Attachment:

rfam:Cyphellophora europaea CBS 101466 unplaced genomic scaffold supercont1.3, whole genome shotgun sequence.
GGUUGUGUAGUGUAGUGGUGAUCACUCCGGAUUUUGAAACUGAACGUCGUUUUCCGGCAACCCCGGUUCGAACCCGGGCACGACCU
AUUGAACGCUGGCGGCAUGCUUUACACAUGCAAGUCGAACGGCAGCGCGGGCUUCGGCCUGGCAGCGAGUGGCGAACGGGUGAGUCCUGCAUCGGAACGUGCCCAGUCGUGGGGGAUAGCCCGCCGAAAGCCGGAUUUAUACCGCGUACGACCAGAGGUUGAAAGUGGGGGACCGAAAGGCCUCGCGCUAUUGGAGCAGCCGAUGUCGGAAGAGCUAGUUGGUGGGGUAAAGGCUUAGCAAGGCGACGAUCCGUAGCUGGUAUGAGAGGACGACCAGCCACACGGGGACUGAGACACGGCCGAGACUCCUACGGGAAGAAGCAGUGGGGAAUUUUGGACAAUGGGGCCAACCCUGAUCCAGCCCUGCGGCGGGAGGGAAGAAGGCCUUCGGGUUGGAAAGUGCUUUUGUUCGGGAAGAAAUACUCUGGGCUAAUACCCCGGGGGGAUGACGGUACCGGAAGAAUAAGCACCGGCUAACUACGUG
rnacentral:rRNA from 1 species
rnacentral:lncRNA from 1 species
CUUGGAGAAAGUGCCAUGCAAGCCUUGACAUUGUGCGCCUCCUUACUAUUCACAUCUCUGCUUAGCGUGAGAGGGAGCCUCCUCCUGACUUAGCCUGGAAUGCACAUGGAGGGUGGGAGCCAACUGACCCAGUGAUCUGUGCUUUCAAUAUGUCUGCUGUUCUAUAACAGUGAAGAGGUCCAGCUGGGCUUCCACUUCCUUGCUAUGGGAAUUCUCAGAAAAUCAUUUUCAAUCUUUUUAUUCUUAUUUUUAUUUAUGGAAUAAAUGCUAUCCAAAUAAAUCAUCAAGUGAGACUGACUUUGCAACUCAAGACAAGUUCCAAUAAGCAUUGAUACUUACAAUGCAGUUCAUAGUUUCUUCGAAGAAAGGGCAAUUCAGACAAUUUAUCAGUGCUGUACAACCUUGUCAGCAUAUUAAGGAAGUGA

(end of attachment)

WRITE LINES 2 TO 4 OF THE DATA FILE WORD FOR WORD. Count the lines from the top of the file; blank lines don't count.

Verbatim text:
GGUUGUGUAGUGUAGUGGUGAUCACUCCGGAUUUUGAAACUGAACGUCGUUUUCCGGCAACCCCGGUUCGAACCCGGGCACGACCU
AUUGAACGCUGGCGGCAUGCUUUACACAUGCAAGUCGAACGGCAGCGCGGGCUUCGGCCUGGCAGCGAGUGGCGAACGGGUGAGUCCUGCAUCGGAACGUGCCCAGUCGUGGGGGAUAGCCCGCCGAAAGCCGGAUUUAUACCGCGUACGACCAGAGGUUGAAAGUGGGGGACCGAAAGGCCUCGCGCUAUUGGAGCAGCCGAUGUCGGAAGAGCUAGUUGGUGGGGUAAAGGCUUAGCAAGGCGACGAUCCGUAGCUGGUAUGAGAGGACGACCAGCCACACGGGGACUGAGACACGGCCGAGACUCCUACGGGAAGAAGCAGUGGGGAAUUUUGGACAAUGGGGCCAACCCUGAUCCAGCCCUGCGGCGGGAGGGAAGAAGGCCUUCGGGUUGGAAAGUGCUUUUGUUCGGGAAGAAAUACUCUGGGCUAAUACCCCGGGGGGAUGACGGUACCGGAAGAAUAAGCACCGGCUAACUACGUG
rnacentral:rRNA from 1 species